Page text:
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The Leonard Lopate Show

The Underlying Logic of the Office

Tuesday, January 08, 2013

Ray Fisman and Tim Sullivan explain why everyday dysfunction is actually inherent to the very nature of organizations. In their book The Org: The Underlying Logic of the Office, they show the economic logic of why organizations exist in the first place and look at how they’re structured—from the cubicle to the CEO’s office.

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The Takeaway

Getting Back to Business in a Post-Sandy 2013

Thursday, December 27, 2012

For many in the New York and New Jersey area, this week's winter storm comes as their recovery from super storm Sandy is still underway.  That slow path to recovery for Sandy victims is particularly daunting for local business owners contending with how to keep their doors open. As winter sets in and 2012 comes to a close, a handful of business owners in and around Red Hook and nearby Sunset Park in Brooklyn share their stories about how they're trying to rebound two months after the storm.

The Takeaway

Olympus Whistleblower Speaks Out

Friday, December 07, 2012

You might know them for their cameras, but Japanese company Olympus is responsible for one of the largest financial scandals in recent memory. Former CEO Michael Woodford blew the whistle on Olympus's shady dealings, and now he's speaking out about the ordeal in a new memoir.

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The Takeaway

A Map for Finding Our Fiscal Way

Friday, December 07, 2012

There are likely many images that spring to mind when considering the "fiscal cliff," but for the dean of Columbia Business School, Glenn Hubbard, the looming austerity crisis brings back memories of summer vacations in Ogunquit, Maine: a scenic coastal walk along a narrow path on a cliff. Hubbard says there is a safe way down the rocky path to reach the beach below, but you just need to find the right way to get there. Hubbard was chairman of the Council of Economic Advisers under President George W. Bush. He explains why our system was set up to create a "fiscal cliff" in the first place.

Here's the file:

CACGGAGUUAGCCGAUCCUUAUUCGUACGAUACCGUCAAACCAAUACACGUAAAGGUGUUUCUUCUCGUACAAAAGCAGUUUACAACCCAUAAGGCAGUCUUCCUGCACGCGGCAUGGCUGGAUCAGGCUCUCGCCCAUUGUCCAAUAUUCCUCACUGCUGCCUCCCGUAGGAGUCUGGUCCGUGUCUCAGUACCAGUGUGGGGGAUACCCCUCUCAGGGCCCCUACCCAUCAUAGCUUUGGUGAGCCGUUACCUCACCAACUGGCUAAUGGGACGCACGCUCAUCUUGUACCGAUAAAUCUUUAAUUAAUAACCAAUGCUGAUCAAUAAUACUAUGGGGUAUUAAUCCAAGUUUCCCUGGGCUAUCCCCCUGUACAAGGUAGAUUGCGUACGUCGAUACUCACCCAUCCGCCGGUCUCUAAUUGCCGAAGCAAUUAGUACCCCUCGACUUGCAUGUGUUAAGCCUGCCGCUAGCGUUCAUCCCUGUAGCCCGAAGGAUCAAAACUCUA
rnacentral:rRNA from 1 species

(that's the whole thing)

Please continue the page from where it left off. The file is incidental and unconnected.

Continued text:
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The Takeaway

When a College Degree Doesn't Matter in the Job Creation Equation

Friday, December 07, 2012

The US Labor Department releases its monthly employment numbers this morning. With every job lost or gained, there’s at least one economist wagging his or her finger about how the value of a college education is more and more important in today's tough job market. But Sharon Virts Mozer, the CEO of FCi Federal who has created over 1,000 jobs, believes that most employers overestimate the power of a four year degree.

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The Takeaway

Today's Takeaway | December 7, 2012

Friday, December 07, 2012